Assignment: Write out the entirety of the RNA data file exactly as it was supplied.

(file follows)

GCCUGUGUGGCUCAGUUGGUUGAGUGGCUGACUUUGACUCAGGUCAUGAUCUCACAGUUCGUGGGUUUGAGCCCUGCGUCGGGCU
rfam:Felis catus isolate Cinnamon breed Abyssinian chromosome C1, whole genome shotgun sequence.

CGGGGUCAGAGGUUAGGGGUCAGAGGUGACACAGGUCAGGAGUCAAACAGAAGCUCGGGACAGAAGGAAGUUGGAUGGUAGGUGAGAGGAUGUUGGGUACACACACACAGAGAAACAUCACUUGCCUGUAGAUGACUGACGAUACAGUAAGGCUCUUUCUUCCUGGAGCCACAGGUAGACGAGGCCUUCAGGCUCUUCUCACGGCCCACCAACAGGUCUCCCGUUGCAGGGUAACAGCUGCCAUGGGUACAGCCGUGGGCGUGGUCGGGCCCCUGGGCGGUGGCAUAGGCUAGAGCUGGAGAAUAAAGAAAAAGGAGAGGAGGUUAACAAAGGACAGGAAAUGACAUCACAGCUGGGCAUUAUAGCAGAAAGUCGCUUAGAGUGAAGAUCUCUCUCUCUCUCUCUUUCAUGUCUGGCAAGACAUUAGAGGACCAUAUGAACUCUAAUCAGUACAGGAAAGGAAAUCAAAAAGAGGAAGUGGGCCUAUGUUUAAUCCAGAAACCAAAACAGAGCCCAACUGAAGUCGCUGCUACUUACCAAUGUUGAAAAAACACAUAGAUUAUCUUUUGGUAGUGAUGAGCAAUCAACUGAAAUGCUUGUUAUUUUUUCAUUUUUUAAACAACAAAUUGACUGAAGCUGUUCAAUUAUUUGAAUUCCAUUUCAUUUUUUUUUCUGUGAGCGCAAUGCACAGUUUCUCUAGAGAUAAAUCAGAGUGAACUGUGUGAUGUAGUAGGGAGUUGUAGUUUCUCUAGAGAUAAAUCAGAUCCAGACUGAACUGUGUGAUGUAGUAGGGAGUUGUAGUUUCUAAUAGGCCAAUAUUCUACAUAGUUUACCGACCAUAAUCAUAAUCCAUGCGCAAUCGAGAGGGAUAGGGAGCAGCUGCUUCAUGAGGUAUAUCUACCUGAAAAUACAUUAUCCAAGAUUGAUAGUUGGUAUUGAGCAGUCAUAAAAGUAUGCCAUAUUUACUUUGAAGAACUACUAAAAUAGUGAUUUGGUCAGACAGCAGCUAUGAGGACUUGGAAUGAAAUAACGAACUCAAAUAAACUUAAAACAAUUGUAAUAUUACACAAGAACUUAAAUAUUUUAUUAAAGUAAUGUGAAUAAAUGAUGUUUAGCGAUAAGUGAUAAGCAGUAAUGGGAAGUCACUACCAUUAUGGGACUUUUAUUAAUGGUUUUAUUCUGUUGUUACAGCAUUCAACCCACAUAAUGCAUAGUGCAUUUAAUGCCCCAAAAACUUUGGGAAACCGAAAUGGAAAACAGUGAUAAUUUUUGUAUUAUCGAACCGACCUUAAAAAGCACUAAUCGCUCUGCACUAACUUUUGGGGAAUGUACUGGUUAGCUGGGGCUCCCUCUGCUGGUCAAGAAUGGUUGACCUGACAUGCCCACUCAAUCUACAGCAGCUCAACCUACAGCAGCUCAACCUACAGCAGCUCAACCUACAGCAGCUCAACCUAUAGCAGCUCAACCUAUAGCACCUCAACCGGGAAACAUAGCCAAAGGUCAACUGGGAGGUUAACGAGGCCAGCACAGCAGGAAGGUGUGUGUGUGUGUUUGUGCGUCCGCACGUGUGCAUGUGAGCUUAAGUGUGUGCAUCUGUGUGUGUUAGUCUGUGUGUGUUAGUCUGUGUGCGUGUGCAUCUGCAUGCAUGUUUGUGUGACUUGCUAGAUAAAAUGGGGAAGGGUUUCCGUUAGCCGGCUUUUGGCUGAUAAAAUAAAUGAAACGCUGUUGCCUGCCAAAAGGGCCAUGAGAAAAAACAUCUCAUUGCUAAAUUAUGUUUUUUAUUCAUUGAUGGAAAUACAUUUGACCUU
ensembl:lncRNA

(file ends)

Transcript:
GCCUGUGUGGCUCAGUUGGUUGAGUGGCUGACUUUGACUCAGGUCAUGAUCUCACAGUUCGUGGGUUUGAGCCCUGCGUCGGGCU
rfam:Felis catus isolate Cinnamon breed Abyssinian chromosome C1, whole genome shotgun sequence.

CGGGGUCAGAGGUUAGGGGUCAGAGGUGACACAGGUCAGGAGUCAAACAGAAGCUCGGGACAGAAGGAAGUUGGAUGGUAGGUGAGAGGAUGUUGGGUACACACACACAGAGAAACAUCACUUGCCUGUAGAUGACUGACGAUACAGUAAGGCUCUUUCUUCCUGGAGCCACAGGUAGACGAGGCCUUCAGGCUCUUCUCACGGCCCACCAACAGGUCUCCCGUUGCAGGGUAACAGCUGCCAUGGGUACAGCCGUGGGCGUGGUCGGGCCCCUGGGCGGUGGCAUAGGCUAGAGCUGGAGAAUAAAGAAAAAGGAGAGGAGGUUAACAAAGGACAGGAAAUGACAUCACAGCUGGGCAUUAUAGCAGAAAGUCGCUUAGAGUGAAGAUCUCUCUCUCUCUCUCUUUCAUGUCUGGCAAGACAUUAGAGGACCAUAUGAACUCUAAUCAGUACAGGAAAGGAAAUCAAAAAGAGGAAGUGGGCCUAUGUUUAAUCCAGAAACCAAAACAGAGCCCAACUGAAGUCGCUGCUACUUACCAAUGUUGAAAAAACACAUAGAUUAUCUUUUGGUAGUGAUGAGCAAUCAACUGAAAUGCUUGUUAUUUUUUCAUUUUUUAAACAACAAAUUGACUGAAGCUGUUCAAUUAUUUGAAUUCCAUUUCAUUUUUUUUUCUGUGAGCGCAAUGCACAGUUUCUCUAGAGAUAAAUCAGAGUGAACUGUGUGAUGUAGUAGGGAGUUGUAGUUUCUCUAGAGAUAAAUCAGAUCCAGACUGAACUGUGUGAUGUAGUAGGGAGUUGUAGUUUCUAAUAGGCCAAUAUUCUACAUAGUUUACCGACCAUAAUCAUAAUCCAUGCGCAAUCGAGAGGGAUAGGGAGCAGCUGCUUCAUGAGGUAUAUCUACCUGAAAAUACAUUAUCCAAGAUUGAUAGUUGGUAUUGAGCAGUCAUAAAAGUAUGCCAUAUUUACUUUGAAGAACUACUAAAAUAGUGAUUUGGUCAGACAGCAGCUAUGAGGACUUGGAAUGAAAUAACGAACUCAAAUAAACUUAAAACAAUUGUAAUAUUACACAAGAACUUAAAUAUUUUAUUAAAGUAAUGUGAAUAAAUGAUGUUUAGCGAUAAGUGAUAAGCAGUAAUGGGAAGUCACUACCAUUAUGGGACUUUUAUUAAUGGUUUUAUUCUGUUGUUACAGCAUUCAACCCACAUAAUGCAUAGUGCAUUUAAUGCCCCAAAAACUUUGGGAAACCGAAAUGGAAAACAGUGAUAAUUUUUGUAUUAUCGAACCGACCUUAAAAAGCACUAAUCGCUCUGCACUAACUUUUGGGGAAUGUACUGGUUAGCUGGGGCUCCCUCUGCUGGUCAAGAAUGGUUGACCUGACAUGCCCACUCAAUCUACAGCAGCUCAACCUACAGCAGCUCAACCUACAGCAGCUCAACCUACAGCAGCUCAACCUAUAGCAGCUCAACCUAUAGCACCUCAACCGGGAAACAUAGCCAAAGGUCAACUGGGAGGUUAACGAGGCCAGCACAGCAGGAAGGUGUGUGUGUGUGUUUGUGCGUCCGCACGUGUGCAUGUGAGCUUAAGUGUGUGCAUCUGUGUGUGUUAGUCUGUGUGUGUUAGUCUGUGUGCGUGUGCAUCUGCAUGCAUGUUUGUGUGACUUGCUAGAUAAAAUGGGGAAGGGUUUCCGUUAGCCGGCUUUUGGCUGAUAAAAUAAAUGAAACGCUGUUGCCUGCCAAAAGGGCCAUGAGAAAAAACAUCUCAUUGCUAAAUUAUGUUUUUUAUUCAUUGAUGGAAAUACAUUUGACCUU
ensembl:lncRNA